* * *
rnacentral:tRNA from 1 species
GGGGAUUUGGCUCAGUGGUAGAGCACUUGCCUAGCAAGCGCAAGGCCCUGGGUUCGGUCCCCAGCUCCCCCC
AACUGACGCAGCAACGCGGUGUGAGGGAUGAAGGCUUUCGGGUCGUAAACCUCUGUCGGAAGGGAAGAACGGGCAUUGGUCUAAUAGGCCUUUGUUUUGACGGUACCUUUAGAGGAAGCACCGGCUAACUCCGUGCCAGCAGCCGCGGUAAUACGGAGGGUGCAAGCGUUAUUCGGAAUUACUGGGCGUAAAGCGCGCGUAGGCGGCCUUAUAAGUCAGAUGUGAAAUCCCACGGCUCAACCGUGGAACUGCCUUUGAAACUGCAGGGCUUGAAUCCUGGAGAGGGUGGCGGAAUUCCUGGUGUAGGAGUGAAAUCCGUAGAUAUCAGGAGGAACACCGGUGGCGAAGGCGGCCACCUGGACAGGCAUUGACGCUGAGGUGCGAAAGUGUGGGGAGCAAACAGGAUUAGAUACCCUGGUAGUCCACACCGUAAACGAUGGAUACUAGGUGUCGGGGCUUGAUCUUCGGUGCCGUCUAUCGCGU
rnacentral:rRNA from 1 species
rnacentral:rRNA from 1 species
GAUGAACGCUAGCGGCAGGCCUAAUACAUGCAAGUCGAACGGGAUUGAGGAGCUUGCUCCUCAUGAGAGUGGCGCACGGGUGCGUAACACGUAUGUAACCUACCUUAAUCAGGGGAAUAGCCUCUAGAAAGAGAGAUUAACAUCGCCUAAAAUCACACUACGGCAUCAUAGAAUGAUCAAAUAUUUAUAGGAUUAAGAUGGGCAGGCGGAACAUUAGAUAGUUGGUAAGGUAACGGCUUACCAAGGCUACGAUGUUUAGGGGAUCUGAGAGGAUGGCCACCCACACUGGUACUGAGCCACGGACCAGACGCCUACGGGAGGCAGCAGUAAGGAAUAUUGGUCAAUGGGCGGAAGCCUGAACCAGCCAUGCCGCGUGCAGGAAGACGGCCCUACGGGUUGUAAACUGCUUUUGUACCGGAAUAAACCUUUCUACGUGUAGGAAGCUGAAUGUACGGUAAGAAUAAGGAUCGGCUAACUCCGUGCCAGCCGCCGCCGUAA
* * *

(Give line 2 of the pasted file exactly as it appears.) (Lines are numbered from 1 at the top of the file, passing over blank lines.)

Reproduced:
GGGGAUUUGGCUCAGUGGUAGAGCACUUGCCUAGCAAGCGCAAGGCCCUGGGUUCGGUCCCCAGCUCCCCCC